PS - Ignore Microsoft's witty commercials about Surface vs iPad, they're just closing out last year's Windows RT model which didn't sell!

As always, contact Professional Nerds (1.877.468.3737) if you have any questions.

Sunday, October 6, 2013

iOS 7 iMessages stuck at "Sending Message"?

Are you seeing your iOS 7 iMessages stuck at "Sending Message"?  This means the messages have NOT been delivered!  Apple has promised a new (7.03) patch (as early as this week) to fix the issue; meanwhile, here's what you can do right now:

a) Reboot your iOS 7 device by simultaneously holding down the "On/Off" and "Home" buttons at least 10 seconds until your phone shuts off AND the Apple logo appears (signifying a restart).  This will force all the "Sending Messages" to at least show a "Not Delivered" notice; at this point you can choose to re-send (or not resend) the message.

b) Another change from iOS6 to iOS7 changed a default setting which would re-route iMessages via standard SMS text message (where sent message 'balloons' appear in a different color than the more secure iMessages).  With iOS 7 this is turned OFF -- good for folks who have a limited number of text messages/month.  If you have unlimited texting, you should turn this back on:  SETTINGS - MESSAGES - Send as SMS=ON.   Note:  Just turning SMS Texting back on as a 'fallback' to iMessage doesn't fix the basic "Sending Message" problem.

Having Trouble Sending iOS 7 Messages? Apple has a Fix on the Way

Finally, certain articles are advocating that certain users also need to "Reset network settings".

Do NOT do this unless you're fully aware of its SIDE EFFECTS !  According to Apple, "This will clear your current cellular and Wi-Fi network settings, including saved networks, Wi-Fi passwords, and VPN settings."

This means you will ALSO need to re-enter ALL Wi-Fi passwords you use (home, office, other frequent locations) before you again can use AirPrint printers, and until re-entered, you'll also use up more of your expensive cellular data plan instead of free WiFi.  "Reset network settings" will also erase any office VPN settings, and MAY erase any Bluetooth pairings you've setup -- meaning they too have to be re-setup.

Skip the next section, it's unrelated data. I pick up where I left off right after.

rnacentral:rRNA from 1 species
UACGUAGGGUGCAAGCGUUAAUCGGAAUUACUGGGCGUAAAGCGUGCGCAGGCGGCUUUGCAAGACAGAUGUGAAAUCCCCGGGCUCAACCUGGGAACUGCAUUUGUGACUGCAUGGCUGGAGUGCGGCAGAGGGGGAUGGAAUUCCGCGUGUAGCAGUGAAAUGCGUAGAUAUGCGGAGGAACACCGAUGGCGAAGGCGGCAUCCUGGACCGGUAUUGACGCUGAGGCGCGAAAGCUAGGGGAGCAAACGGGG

Because of these side effects, I haven't yet resorted to "Reset network settings" or any other tips.  My recommendation is to again use the above iDevice restart procedure until Apple releases an iOS 7 update to fix the problem.

Friday, October 4, 2013

DON'T be hasty trading in your old smartphone...!

Have you ever thought your smartphone is perhaps doing TOO many things?  Rather than trading in your old smartphone when you get a new, more powerful one, you might want to consider keeping your older "handheld computer" and dedicating it to certain useful tasks, rather than trading it in.

For example, although it won't have a cellular voice/data access, when connected to WiFi it still has data connections so you can browse the internet, check Facebook/Twitter/etc., send/receive email, and even use Skype or Facetime for phone calls!  An 'old' smartphone makes a great remote control for streaming internet video (YouTube, NetFlix, Hulu Plus) from your ($35) Google Chromecast-equipped HD-TV.

Plus, the camera still takes photos, your old device still plays music, and of course, you (and other family members) can still play your favorite games!

Kim Komando has (as usual) some great tips on what to do with your old one.